There is more than one safety test that gets mentioned when talking about car seats. Here we clarify what the different tests mean and so hopefully demystifying the car seat buying process.
The R44 car seat safety test was introduced in the 1980s. It was later updated in the 2000s to R44/04 or ECE R44/04. This test involves:
Frontal collision testing at a speed of 50km/h
Rear impact collision testing at 30km/h.
In Supplement 16 of R44 04 the seat is also subjected to a rollover test.
Uses the P-dummy family
4 sensors placed on the crash dummy
These seats assess child suitability for the seat by weight. They are still legal even though the testing changed to a new standard. We sell a few, including the Joie Spin 360, which is tested to this regulation.
This is the current safety standard which replaces R44. It is commonly known as i-Size. The focus of the test is to measure forces upon a child's chest in an accident. This test involves:
Frontal collisions testing at a speed of 50km/h
Rear impact collision testing at 30km/h. The seat is also subjected to a rollover test.
Dynamic test for side impact (new under this regulation)
Uses the new Q-Dummies series, which more closely represent the actual effects of a crash on the body of real children.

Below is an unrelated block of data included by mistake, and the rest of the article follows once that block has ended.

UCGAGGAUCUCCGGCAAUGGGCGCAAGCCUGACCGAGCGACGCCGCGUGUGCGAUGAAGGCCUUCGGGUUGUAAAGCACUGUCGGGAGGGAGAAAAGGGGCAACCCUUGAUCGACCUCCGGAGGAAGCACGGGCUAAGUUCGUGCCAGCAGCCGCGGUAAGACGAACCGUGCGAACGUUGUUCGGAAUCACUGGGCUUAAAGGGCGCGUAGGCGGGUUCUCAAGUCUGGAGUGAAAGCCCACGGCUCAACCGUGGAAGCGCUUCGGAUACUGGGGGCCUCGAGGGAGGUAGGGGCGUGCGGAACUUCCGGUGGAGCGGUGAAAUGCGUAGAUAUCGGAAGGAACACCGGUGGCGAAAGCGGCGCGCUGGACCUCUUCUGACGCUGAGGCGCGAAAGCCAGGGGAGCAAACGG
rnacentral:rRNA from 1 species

32 sensors placed on the crash dummy
R129 means we now mainly assess children by height as well as weight for their car seats. This is a better way for fitting car seats. Another change brought in with i-Size is that infants up to 15 months have to be rear facing. Most car seats meet the i-Size safety standard. You can click here to find your next car seat.
This is a randomised, impartial consumer safety test conducted to a higher standard than R129.
Frontal collision testing at a speed of 64km/h
Side impact collision impacts at a speed of 50km/h
Impact loads are measured on differently sized child dummies
It is important to note that the ADAC scores are not just about safety. They apportion 50% of the score for car seat safety results. The other 50% covers aspects such as user-friendliness, risk of misuse, comfort for the child, quality of the cover, craftsmanship, space in the car, the user manual, how easy cleaning is etc. We have a number of seats which have been tested by ADAC such as the Avionaut Max Space Comfort System high back booster.
The Swedish plus Test is a voluntary safety test manufacturers can put their seats through. The focus of the test is to measure the forces placed on a child's head and neck in an accident. This is known to be the toughest crash test in the world.
Testing at a speed of 56km/h
Short stopping distance of 11cm
Impact loads are measured specifically on the crash dummy's neck
The Plus Test reinforces the idea that rear facing is safest for your child. We advocate keeping your child rear facing for as long as possible and hold a selection of Swedish plus tested car seats which you can find by clicking the link here.